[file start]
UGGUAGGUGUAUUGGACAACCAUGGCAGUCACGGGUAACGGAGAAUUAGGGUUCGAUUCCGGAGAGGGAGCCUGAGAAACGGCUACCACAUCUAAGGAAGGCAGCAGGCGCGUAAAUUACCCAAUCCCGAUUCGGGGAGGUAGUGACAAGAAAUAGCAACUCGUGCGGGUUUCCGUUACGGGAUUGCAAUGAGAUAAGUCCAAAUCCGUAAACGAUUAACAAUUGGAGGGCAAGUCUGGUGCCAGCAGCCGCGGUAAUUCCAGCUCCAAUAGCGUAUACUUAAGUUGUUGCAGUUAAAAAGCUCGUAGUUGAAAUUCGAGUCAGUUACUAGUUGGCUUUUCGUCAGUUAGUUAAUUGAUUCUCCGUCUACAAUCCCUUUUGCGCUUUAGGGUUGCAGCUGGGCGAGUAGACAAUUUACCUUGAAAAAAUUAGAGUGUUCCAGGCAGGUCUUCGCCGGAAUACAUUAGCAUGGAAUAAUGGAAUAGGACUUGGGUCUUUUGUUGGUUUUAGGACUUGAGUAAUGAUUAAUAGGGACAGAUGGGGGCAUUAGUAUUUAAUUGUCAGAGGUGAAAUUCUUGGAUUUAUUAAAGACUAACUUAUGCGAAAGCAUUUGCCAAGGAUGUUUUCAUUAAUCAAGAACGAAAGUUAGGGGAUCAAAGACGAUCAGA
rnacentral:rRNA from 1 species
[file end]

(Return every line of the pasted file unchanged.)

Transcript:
UGGUAGGUGUAUUGGACAACCAUGGCAGUCACGGGUAACGGAGAAUUAGGGUUCGAUUCCGGAGAGGGAGCCUGAGAAACGGCUACCACAUCUAAGGAAGGCAGCAGGCGCGUAAAUUACCCAAUCCCGAUUCGGGGAGGUAGUGACAAGAAAUAGCAACUCGUGCGGGUUUCCGUUACGGGAUUGCAAUGAGAUAAGUCCAAAUCCGUAAACGAUUAACAAUUGGAGGGCAAGUCUGGUGCCAGCAGCCGCGGUAAUUCCAGCUCCAAUAGCGUAUACUUAAGUUGUUGCAGUUAAAAAGCUCGUAGUUGAAAUUCGAGUCAGUUACUAGUUGGCUUUUCGUCAGUUAGUUAAUUGAUUCUCCGUCUACAAUCCCUUUUGCGCUUUAGGGUUGCAGCUGGGCGAGUAGACAAUUUACCUUGAAAAAAUUAGAGUGUUCCAGGCAGGUCUUCGCCGGAAUACAUUAGCAUGGAAUAAUGGAAUAGGACUUGGGUCUUUUGUUGGUUUUAGGACUUGAGUAAUGAUUAAUAGGGACAGAUGGGGGCAUUAGUAUUUAAUUGUCAGAGGUGAAAUUCUUGGAUUUAUUAAAGACUAACUUAUGCGAAAGCAUUUGCCAAGGAUGUUUUCAUUAAUCAAGAACGAAAGUUAGGGGAUCAAAGACGAUCAGA
rnacentral:rRNA from 1 species